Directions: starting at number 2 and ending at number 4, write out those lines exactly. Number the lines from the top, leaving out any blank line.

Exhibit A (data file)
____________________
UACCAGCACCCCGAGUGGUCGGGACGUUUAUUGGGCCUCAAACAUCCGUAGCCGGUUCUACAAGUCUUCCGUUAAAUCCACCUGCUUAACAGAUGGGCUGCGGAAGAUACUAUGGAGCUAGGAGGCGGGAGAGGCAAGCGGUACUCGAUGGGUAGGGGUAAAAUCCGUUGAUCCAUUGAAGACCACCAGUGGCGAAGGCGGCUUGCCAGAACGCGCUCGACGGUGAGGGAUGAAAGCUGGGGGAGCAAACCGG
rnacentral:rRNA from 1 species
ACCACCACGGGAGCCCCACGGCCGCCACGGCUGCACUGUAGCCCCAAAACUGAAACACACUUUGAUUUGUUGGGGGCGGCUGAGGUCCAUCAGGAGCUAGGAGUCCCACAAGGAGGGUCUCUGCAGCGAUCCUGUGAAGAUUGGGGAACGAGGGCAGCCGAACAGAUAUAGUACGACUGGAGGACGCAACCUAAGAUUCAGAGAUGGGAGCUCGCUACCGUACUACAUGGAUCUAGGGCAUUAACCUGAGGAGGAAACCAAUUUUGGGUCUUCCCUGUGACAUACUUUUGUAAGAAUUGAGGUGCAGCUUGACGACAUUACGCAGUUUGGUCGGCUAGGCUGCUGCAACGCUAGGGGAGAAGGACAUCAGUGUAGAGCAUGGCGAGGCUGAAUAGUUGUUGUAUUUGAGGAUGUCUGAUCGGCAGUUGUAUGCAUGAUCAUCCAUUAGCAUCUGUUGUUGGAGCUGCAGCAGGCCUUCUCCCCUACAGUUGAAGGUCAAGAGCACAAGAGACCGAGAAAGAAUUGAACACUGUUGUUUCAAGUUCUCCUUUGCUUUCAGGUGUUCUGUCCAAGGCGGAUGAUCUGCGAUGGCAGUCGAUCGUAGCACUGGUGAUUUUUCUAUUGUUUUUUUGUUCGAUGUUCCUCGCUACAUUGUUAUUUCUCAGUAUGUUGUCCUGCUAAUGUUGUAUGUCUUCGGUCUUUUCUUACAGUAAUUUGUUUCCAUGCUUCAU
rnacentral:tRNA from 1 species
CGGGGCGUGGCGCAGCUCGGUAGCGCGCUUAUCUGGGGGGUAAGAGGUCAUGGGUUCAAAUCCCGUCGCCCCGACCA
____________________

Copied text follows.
rnacentral:rRNA from 1 species
ACCACCACGGGAGCCCCACGGCCGCCACGGCUGCACUGUAGCCCCAAAACUGAAACACACUUUGAUUUGUUGGGGGCGGCUGAGGUCCAUCAGGAGCUAGGAGUCCCACAAGGAGGGUCUCUGCAGCGAUCCUGUGAAGAUUGGGGAACGAGGGCAGCCGAACAGAUAUAGUACGACUGGAGGACGCAACCUAAGAUUCAGAGAUGGGAGCUCGCUACCGUACUACAUGGAUCUAGGGCAUUAACCUGAGGAGGAAACCAAUUUUGGGUCUUCCCUGUGACAUACUUUUGUAAGAAUUGAGGUGCAGCUUGACGACAUUACGCAGUUUGGUCGGCUAGGCUGCUGCAACGCUAGGGGAGAAGGACAUCAGUGUAGAGCAUGGCGAGGCUGAAUAGUUGUUGUAUUUGAGGAUGUCUGAUCGGCAGUUGUAUGCAUGAUCAUCCAUUAGCAUCUGUUGUUGGAGCUGCAGCAGGCCUUCUCCCCUACAGUUGAAGGUCAAGAGCACAAGAGACCGAGAAAGAAUUGAACACUGUUGUUUCAAGUUCUCCUUUGCUUUCAGGUGUUCUGUCCAAGGCGGAUGAUCUGCGAUGGCAGUCGAUCGUAGCACUGGUGAUUUUUCUAUUGUUUUUUUGUUCGAUGUUCCUCGCUACAUUGUUAUUUCUCAGUAUGUUGUCCUGCUAAUGUUGUAUGUCUUCGGUCUUUUCUUACAGUAAUUUGUUUCCAUGCUUCAU
rnacentral:tRNA from 1 species